About 45 percent are non-compliant, an increase of 4 percentage points over 2012, according to scientists with research company GfK.
The most common reasons for noncompliance, according to prescribing physicians, include dislike of the medication, concern about side effects and the denial of illness, researchers report.
Since 2009, the level of noncompliance among schizophrenia patients has ranged from 41 percent to 46 percent, according to the annual study, now in its 17th year.
This year, 74 percent of psychiatrists mentioned patient dislike of medications as a reason for non-compliance.
Another 71 percent of patients cited side effects, including extrapyramidal symptoms (EPS), tremors, sleepiness and weight gain.
Extrapyramidal symptoms include involuntary asymmetrical movements of the muscles, neck spasms, and a feeling of motor restlessness. These types of symptoms are typical among people who take the most commonly-prescribed medications for schizophrenia.
While “depot” drugs — taken once a week or less by injection by a healthcare professional — are the most talked-about new development in the treatment of schizophrenia, they have not substantially improved compliance, according to the researchers.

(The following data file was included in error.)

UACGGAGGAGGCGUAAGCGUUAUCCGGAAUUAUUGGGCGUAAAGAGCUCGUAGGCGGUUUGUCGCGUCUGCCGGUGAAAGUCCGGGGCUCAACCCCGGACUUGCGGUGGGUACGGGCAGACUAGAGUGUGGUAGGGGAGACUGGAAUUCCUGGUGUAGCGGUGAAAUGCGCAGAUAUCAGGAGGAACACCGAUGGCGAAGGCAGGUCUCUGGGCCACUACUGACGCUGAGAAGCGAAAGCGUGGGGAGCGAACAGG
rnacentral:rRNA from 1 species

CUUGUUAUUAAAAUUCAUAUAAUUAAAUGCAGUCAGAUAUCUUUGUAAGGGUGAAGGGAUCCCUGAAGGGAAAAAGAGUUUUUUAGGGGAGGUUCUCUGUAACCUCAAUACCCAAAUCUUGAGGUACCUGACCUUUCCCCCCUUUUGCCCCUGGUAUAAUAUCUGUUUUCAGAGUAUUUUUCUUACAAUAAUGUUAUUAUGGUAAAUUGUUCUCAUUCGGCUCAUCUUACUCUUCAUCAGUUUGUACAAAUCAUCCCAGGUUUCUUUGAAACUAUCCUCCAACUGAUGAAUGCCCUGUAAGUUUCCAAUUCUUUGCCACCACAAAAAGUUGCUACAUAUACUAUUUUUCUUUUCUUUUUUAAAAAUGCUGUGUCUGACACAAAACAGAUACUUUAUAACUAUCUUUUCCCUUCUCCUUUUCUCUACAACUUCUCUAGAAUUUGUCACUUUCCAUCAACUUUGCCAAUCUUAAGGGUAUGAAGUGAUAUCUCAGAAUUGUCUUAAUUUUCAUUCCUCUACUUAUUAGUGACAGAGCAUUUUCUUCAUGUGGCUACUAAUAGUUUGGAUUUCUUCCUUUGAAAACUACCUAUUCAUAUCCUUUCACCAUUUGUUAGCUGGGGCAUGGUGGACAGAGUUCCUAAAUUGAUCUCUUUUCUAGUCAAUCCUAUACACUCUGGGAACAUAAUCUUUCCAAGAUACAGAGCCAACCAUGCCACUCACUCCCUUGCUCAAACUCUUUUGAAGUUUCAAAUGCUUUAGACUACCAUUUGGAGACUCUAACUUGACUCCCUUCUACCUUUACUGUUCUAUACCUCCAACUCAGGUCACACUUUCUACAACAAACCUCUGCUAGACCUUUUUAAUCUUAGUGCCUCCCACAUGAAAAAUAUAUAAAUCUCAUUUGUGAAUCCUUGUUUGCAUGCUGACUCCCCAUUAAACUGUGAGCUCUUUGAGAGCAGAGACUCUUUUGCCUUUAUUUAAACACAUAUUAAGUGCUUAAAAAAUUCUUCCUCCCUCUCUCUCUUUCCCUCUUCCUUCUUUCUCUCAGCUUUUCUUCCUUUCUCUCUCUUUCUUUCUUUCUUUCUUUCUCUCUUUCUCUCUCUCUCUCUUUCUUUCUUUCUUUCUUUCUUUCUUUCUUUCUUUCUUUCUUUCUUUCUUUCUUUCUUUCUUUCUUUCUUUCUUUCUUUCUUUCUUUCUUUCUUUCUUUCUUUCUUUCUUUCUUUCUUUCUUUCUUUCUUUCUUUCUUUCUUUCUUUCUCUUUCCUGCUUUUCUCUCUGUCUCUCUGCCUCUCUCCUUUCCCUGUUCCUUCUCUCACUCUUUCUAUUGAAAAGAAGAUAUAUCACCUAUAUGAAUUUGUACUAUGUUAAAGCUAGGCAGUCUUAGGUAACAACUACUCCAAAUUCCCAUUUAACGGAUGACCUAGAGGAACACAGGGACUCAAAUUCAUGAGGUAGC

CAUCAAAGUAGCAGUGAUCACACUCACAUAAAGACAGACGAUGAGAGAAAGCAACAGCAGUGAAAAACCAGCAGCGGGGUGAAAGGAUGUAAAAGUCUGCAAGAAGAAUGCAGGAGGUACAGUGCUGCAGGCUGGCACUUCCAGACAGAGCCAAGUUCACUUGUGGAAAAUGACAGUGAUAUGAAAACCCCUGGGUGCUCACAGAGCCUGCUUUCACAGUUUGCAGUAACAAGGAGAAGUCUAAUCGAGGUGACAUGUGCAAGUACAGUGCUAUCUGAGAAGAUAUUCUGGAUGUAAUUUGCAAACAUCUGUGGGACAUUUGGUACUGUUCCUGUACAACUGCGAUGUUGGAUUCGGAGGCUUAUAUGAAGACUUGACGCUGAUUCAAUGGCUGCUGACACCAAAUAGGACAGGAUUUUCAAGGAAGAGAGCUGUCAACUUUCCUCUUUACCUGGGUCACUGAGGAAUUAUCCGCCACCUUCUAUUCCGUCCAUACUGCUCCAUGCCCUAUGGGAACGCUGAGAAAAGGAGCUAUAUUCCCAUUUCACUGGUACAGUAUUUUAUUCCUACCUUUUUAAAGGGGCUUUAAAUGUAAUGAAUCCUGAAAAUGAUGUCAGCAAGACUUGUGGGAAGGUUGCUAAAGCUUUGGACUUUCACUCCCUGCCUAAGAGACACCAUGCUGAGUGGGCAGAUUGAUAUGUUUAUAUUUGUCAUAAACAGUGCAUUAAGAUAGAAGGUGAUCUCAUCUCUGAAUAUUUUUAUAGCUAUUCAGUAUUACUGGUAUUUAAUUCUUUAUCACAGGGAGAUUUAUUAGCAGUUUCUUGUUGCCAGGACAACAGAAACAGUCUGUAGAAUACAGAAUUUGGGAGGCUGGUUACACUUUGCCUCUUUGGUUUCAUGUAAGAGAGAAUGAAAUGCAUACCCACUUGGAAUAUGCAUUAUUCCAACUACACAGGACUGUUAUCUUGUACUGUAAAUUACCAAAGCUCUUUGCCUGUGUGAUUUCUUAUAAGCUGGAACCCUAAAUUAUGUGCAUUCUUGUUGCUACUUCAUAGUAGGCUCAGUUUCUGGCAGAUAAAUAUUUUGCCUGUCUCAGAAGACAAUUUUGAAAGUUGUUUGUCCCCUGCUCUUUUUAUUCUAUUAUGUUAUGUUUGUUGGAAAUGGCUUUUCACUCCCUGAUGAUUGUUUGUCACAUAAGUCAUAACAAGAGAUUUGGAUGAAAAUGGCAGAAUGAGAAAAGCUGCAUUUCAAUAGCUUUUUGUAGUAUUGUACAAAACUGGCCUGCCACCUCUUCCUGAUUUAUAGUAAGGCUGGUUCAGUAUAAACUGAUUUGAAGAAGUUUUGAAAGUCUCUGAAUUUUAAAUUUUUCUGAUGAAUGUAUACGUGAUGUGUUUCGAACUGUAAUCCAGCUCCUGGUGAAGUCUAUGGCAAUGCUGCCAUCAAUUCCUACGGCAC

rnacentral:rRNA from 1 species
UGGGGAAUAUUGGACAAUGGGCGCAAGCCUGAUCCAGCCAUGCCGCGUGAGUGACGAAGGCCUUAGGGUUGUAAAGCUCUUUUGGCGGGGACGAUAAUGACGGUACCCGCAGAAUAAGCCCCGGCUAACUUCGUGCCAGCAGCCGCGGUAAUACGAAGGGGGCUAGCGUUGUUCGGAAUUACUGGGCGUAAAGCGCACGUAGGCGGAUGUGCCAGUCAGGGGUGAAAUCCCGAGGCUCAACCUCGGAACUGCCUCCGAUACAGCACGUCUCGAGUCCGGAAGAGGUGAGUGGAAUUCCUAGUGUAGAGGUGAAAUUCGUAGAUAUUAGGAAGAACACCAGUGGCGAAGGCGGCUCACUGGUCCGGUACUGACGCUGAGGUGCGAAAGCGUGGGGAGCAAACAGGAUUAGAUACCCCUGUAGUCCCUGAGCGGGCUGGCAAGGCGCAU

They found that depot drugs account for about 20 percent of all schizophrenia prescriptions, up just slightly from last year. Only 2 percent of doctors surveyed expect to “significantly increase” their use of depot drugs to treat schizophrenia in the next six months, the researchers report.
The study also shows a variety of unmet needs among the current crop of schizophrenia treatments. Psychiatrists would like to see better control of negative and cognitive symptoms, fewer metabolic side effects, and improvement in cognitive deficits, according to the study’s findings.
“Drug manufacturers need to address the top unsatisfied requirements among psychiatrists, and even market to those benefits,” said Paul Wojciak, research director on GfK’s health team.
“As more doctors become familiar with the benefits of depot drugs, we may see a shift in how schizophrenia is treated in the coming years.”
Monthly schizophrenia patient volume has remained relatively stable since 2011, accounting for about 30 percent of psychiatrists’ overall practice, according to the recently released study.
Schizophrenia patients are almost twice as likely to be seen in a community mental health center (46 percent) as at a private office (26 percent). Another 17 percent receive inpatient treatment at a hospital, either general or psychiatric, according to the study.